Pantheon Multidev from a Third-Party Source

Les Peabody
Les Peabody
Director of Technology
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There comes a time within the course of project events, that we must create distinct, equivalent environments to test new features and bug fixes so that we are not constantly merging untested work into main line development. Enter Pantheon Multidev.


  1. What is Multidev?
  2. Event triggers for creating, updating, and tearing down Multidev environments
  3. Triggered processes, by event
  4. Complete picture

What is a Pantheon Multidev Environment?

pantheon multidev workflow


Pantheon’s Multidev feature permits the on-demand creation of separate environments based on a Git branch. A common feature-based workflow scenario is having your master branch deployed to your dev environment, and then having feature/bug branches stemming from master be used to create Multidev environments to test that work prior to it being merged into master, so you can QA the work before master trickles up to production.

Event triggers

If we think about a typical project workflow through a provider like GitHub, Bitbucket, or Gitlab, a developer will:

  1. Branch off of the main branch of development to do their work and then…
  2. Submit a pull request to be reviewed and…
  3. Eventually be merged back into the main line.

Multidev fits nicely into this workflow, and the creation, update, and teardown events of a Multidev lifecycle can be mapped onto the events of a pull request lifecycle.

Before diving into how we map our events onto the Multidev workflow, there are a couple things to keep in mind:

  • The branch, used to create the Multidev environment, must exist in the Panthon repository before the Multidev environment is created.
  • The name of the Multidev environment will be the same name as the branch which it is based on.
  • A branch used to create a Multidev environment must follow the naming conventions:

Branch names can contain any ASCII letter and number (a through z, 0 through 9) and hyphen (dash). The branch name must start with a letter or number. Currently, the maximum length is 11 characters and environments cannot be created with the following reserved names: master, settings, team, support, debug, multidev, files, tags, and billing.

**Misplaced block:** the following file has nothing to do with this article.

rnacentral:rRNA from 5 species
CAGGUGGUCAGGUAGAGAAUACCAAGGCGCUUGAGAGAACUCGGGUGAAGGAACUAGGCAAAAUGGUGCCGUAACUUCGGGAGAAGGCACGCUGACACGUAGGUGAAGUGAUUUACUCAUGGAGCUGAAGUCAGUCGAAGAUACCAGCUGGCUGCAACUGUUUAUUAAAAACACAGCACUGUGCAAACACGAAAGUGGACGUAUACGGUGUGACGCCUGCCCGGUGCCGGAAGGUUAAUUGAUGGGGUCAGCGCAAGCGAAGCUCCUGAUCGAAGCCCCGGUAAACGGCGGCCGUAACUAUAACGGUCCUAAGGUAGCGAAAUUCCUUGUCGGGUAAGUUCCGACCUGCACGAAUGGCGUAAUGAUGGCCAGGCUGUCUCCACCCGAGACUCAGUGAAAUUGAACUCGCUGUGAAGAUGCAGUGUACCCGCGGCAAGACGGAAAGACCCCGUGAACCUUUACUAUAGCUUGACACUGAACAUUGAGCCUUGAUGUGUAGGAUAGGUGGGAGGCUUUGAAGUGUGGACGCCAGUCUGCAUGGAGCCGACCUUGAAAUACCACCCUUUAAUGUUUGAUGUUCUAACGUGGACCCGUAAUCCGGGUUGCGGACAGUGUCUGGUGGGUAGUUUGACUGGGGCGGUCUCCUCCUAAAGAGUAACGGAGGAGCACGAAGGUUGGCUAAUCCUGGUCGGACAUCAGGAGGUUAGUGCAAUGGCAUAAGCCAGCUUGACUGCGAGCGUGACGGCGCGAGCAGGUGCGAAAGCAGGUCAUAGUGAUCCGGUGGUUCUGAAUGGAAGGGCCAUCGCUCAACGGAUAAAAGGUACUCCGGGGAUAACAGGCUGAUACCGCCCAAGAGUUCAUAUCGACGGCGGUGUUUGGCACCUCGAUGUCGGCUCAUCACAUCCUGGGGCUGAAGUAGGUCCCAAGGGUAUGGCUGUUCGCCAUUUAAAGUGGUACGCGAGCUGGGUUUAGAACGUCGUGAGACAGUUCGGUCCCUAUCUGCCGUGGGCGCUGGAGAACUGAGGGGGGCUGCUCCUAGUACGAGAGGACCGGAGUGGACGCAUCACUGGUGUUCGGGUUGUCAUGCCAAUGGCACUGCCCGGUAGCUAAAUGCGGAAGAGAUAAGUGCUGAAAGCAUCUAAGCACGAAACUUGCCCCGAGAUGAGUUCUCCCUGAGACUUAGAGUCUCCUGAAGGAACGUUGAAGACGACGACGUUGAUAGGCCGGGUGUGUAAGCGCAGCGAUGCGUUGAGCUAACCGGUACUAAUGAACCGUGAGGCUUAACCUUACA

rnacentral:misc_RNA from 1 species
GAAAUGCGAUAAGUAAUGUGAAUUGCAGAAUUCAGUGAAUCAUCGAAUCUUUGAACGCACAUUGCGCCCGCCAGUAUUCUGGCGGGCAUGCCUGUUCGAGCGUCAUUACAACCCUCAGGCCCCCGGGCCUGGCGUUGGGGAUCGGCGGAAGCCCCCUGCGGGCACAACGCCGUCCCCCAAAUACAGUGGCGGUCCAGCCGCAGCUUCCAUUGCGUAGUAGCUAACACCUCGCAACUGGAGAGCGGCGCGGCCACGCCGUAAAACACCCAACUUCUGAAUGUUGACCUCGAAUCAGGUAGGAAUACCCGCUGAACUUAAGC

From: .

Note: Going into the events, we assume that in all runner environments that the code available is a git reference being a merge between the branches merging from and to.

Create Multidev when a pull request is opened

When a pull request is first opened, we need to create a Multidev environment to present the work done. Considering that the name of the branch may be named in a way which conflicts with Multidev branch naming requirements (see above), instead of pushing the branch as-is to the Pantheon repository, it is best to setup a tracking branch with a name based on the pull request number. For example, if you opened pull request number 15 for branchfeature/ABC-123-new-hero-image-section into the main branch, then you would push the PR branch up to the Pantheon repository as pr-15.

Assuming you’ve setup a remote of pantheon to point at the Pantheon repository, and you have stored the pull request number in the shell variable pr_number:

git push pantheon HEAD:refs/heads/pr-$pr_number --force --quiet

Force push is required in case that branch already exists, we want to ensure that the code present is updated to reflect the latest version of the code in this particular pull request (e.g. you can open and close a pull request multiple times, but the number remains the same).

After the code has been pushed, you can use Terminus to create the Multidev environment:

terminus multidev:create --no-interaction --quiet --yes pr-$pr_number

After that completes, you’ll have an environment waiting for you based off of the development environment. If you want to base the Multidev environment initially on the production or test environments, update above accordingly.

Update Multidev when a pull request’s code is updated

When a branch, that is the subject of an open pull request, is updated (e.g. has more code pushed to it) then the companion Multidev environment should be updated as well. This is accomplished by force pushing the code like before when the pull request was first opened:

git push pantheon HEAD:refs/heads/pr-$pr_number --force --quiet

You should have Quicksilver hooks in place so that you can run any database updates or import configuration when a Multidev environment receives code changes. An example of this is available in Pantheon’s GitHub .

Note: If for a Drupal project and your version of Drush supports it, we suggest substituting the various Drush commands in the example with a singular usage of drush deploy -y --no-interaction.

Destroy Multidev after the pull request has been closed

When a pull request is finally closed (whether that be through merging or explicitly closing) you should use Terminus to clean up the Multidev environment, as it has served its purpose. To do so:

terminus multidev:delete --delete-branch --no-interaction --quiet --yes$pr_number

Complete picture, tying it all together

We’ve gone over the basics of coupling Pantheon’s Multidev feature to your project’s code contribution workflow. Now, go out there and take full advantage of this awesome feature from Pantheon, and go into your QA process with more confidence than ever!